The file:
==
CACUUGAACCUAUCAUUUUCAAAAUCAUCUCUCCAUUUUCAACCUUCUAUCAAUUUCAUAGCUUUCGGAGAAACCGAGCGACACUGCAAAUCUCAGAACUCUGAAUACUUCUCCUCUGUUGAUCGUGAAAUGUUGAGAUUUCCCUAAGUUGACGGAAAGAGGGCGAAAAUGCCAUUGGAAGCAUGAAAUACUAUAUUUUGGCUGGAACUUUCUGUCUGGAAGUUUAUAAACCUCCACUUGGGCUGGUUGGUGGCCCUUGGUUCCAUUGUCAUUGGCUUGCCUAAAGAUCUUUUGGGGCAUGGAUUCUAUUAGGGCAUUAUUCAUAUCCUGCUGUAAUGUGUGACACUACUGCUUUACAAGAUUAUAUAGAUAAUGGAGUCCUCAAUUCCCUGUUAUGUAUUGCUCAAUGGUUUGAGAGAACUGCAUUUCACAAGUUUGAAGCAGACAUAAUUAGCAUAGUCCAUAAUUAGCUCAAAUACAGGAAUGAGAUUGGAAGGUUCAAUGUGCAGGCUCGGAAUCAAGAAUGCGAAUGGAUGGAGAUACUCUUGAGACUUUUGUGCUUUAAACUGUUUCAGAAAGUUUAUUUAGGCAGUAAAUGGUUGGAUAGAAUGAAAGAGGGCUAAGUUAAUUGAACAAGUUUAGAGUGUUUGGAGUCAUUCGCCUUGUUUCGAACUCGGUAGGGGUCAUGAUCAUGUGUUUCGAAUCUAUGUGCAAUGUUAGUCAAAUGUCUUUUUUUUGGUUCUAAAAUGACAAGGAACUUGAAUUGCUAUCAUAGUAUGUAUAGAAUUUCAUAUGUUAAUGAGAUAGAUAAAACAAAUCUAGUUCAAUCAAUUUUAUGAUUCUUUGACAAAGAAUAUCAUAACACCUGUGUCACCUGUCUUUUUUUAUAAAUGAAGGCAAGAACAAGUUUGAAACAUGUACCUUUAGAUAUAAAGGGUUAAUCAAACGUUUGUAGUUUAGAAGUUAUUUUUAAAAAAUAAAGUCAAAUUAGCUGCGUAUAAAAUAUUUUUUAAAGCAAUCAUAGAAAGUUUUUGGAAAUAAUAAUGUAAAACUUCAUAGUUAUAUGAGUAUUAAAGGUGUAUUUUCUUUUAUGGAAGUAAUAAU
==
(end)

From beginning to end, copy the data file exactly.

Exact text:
CACUUGAACCUAUCAUUUUCAAAAUCAUCUCUCCAUUUUCAACCUUCUAUCAAUUUCAUAGCUUUCGGAGAAACCGAGCGACACUGCAAAUCUCAGAACUCUGAAUACUUCUCCUCUGUUGAUCGUGAAAUGUUGAGAUUUCCCUAAGUUGACGGAAAGAGGGCGAAAAUGCCAUUGGAAGCAUGAAAUACUAUAUUUUGGCUGGAACUUUCUGUCUGGAAGUUUAUAAACCUCCACUUGGGCUGGUUGGUGGCCCUUGGUUCCAUUGUCAUUGGCUUGCCUAAAGAUCUUUUGGGGCAUGGAUUCUAUUAGGGCAUUAUUCAUAUCCUGCUGUAAUGUGUGACACUACUGCUUUACAAGAUUAUAUAGAUAAUGGAGUCCUCAAUUCCCUGUUAUGUAUUGCUCAAUGGUUUGAGAGAACUGCAUUUCACAAGUUUGAAGCAGACAUAAUUAGCAUAGUCCAUAAUUAGCUCAAAUACAGGAAUGAGAUUGGAAGGUUCAAUGUGCAGGCUCGGAAUCAAGAAUGCGAAUGGAUGGAGAUACUCUUGAGACUUUUGUGCUUUAAACUGUUUCAGAAAGUUUAUUUAGGCAGUAAAUGGUUGGAUAGAAUGAAAGAGGGCUAAGUUAAUUGAACAAGUUUAGAGUGUUUGGAGUCAUUCGCCUUGUUUCGAACUCGGUAGGGGUCAUGAUCAUGUGUUUCGAAUCUAUGUGCAAUGUUAGUCAAAUGUCUUUUUUUUGGUUCUAAAAUGACAAGGAACUUGAAUUGCUAUCAUAGUAUGUAUAGAAUUUCAUAUGUUAAUGAGAUAGAUAAAACAAAUCUAGUUCAAUCAAUUUUAUGAUUCUUUGACAAAGAAUAUCAUAACACCUGUGUCACCUGUCUUUUUUUAUAAAUGAAGGCAAGAACAAGUUUGAAACAUGUACCUUUAGAUAUAAAGGGUUAAUCAAACGUUUGUAGUUUAGAAGUUAUUUUUAAAAAAUAAAGUCAAAUUAGCUGCGUAUAAAAUAUUUUUUAAAGCAAUCAUAGAAAGUUUUUGGAAAUAAUAAUGUAAAACUUCAUAGUUAUAUGAGUAUUAAAGGUGUAUUUUCUUUUAUGGAAGUAAUAAU